Opinions Wed, 29 Jan 2003

Waltzing In Ghana's Democracy

The aftermath of the increase in the price of fuel products and its relative consequences has left Ghanaians in a state of shock. This is because various Government sources have attributed the 94% increase to a variety of reasons including for the umpteenth time the accumulation of trillions of Cedis of debt from previous governments, especially the last one. I choose to use the word Government in plural because it appears the safest thing to do where the word accumulation and inheritance are employed.

The People of Ghana have never made any Government accountable so to create a fair picture, and if the NRC is anything to go by, we might as well blame all past Governments.

Furthermore, the President in his opening address to the two-day Annual Policy Forum of the Global Coalition for Africa held recently in Accra said, “African governments are showing more sensitivity to the plight of their people”. Are our Leaders showing us any sensitivity? If so why are Ghanaians being asked to pay for the reckless behaviour of their past leaders?

Many Ghanaians would loathe finding another Government spending two years of its first term blaming the previous one! Nevertheless we will need to be abreast with the state of the economy before anyone else takes over.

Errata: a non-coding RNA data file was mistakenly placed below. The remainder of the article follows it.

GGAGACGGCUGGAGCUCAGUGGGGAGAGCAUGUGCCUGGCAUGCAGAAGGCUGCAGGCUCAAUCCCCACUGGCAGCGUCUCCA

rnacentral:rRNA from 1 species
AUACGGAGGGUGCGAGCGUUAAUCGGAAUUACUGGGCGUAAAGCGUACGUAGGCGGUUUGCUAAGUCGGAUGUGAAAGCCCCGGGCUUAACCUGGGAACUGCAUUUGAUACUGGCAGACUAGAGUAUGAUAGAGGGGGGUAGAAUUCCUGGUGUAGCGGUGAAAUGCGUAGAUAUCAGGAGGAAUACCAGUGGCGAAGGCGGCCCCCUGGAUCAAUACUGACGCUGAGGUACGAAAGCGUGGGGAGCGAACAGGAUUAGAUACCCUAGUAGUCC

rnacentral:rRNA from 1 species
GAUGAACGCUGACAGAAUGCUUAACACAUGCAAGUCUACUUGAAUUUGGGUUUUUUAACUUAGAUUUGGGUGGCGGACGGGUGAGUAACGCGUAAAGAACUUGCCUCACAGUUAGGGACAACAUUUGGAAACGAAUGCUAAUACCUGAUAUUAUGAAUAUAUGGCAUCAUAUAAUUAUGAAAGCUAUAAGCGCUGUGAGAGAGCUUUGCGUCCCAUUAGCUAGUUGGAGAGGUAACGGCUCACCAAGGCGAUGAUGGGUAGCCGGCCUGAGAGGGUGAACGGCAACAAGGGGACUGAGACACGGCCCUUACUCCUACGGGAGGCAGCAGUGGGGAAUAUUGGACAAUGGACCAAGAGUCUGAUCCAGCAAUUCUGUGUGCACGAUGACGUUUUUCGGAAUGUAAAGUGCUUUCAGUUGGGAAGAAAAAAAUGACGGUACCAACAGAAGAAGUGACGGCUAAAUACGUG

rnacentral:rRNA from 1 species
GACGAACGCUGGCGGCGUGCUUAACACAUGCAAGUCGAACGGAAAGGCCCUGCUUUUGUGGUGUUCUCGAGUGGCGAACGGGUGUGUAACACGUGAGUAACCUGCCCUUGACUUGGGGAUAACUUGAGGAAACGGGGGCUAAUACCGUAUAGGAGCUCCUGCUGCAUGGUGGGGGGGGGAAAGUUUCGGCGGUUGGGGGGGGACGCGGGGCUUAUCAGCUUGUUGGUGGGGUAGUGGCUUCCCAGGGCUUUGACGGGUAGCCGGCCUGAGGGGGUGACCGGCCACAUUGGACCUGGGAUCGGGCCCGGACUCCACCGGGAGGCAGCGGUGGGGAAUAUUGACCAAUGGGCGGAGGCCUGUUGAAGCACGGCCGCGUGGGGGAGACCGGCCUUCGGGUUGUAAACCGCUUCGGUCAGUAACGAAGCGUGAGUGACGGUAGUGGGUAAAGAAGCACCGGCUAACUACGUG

So let us start by setting a good example.

We asked for positive change and accountability should come with the package. Accelerating change should be priority for the delivery of better services to the public. It would only be proper that before the next election, the current Government presents Ghanaians with a statement of account detailing particularly all debts incurred or to be incurred and any other relevant information so that we can have a complete picture of the State’s finances just as any company or business would do when it is up for a takeover. This would be published before the elections and the onus will be on prospective candidates to prove how best they can manage the economy with the statement of account before them. After all, there is no guarantee that the incumbent would remain in place after the next election. Potential leaders might be worried when they read this and quite rightly so because thanks to the new millennium and albeit our Presidential Government, democracy is thriving in Ghana. Ghanaians have practically elected for this and would like to exercise their rights in terms of accountability.

Take the TOR debt for example, if only we were presented with a detailed statement prior to the takeover, we would have been prepared for this shock. The opposition parties would not have to mourn for us. We would mourn directly ourselves. At 45 we are old enough to be able to share in responsibilities as citizens of one of the beautiful countries in West Africa. Our only problem, our Governments are not accountable to us. We will need to renew our faith in how they manage our affairs. No presidential candidate should start rejoicing at the thought of winning the seat for their parties until they have seen what is on the agenda for 2004.

In Ghana, we do not lack skill but we lack know-how. We still have teething problems, which the NRC cannot resolve: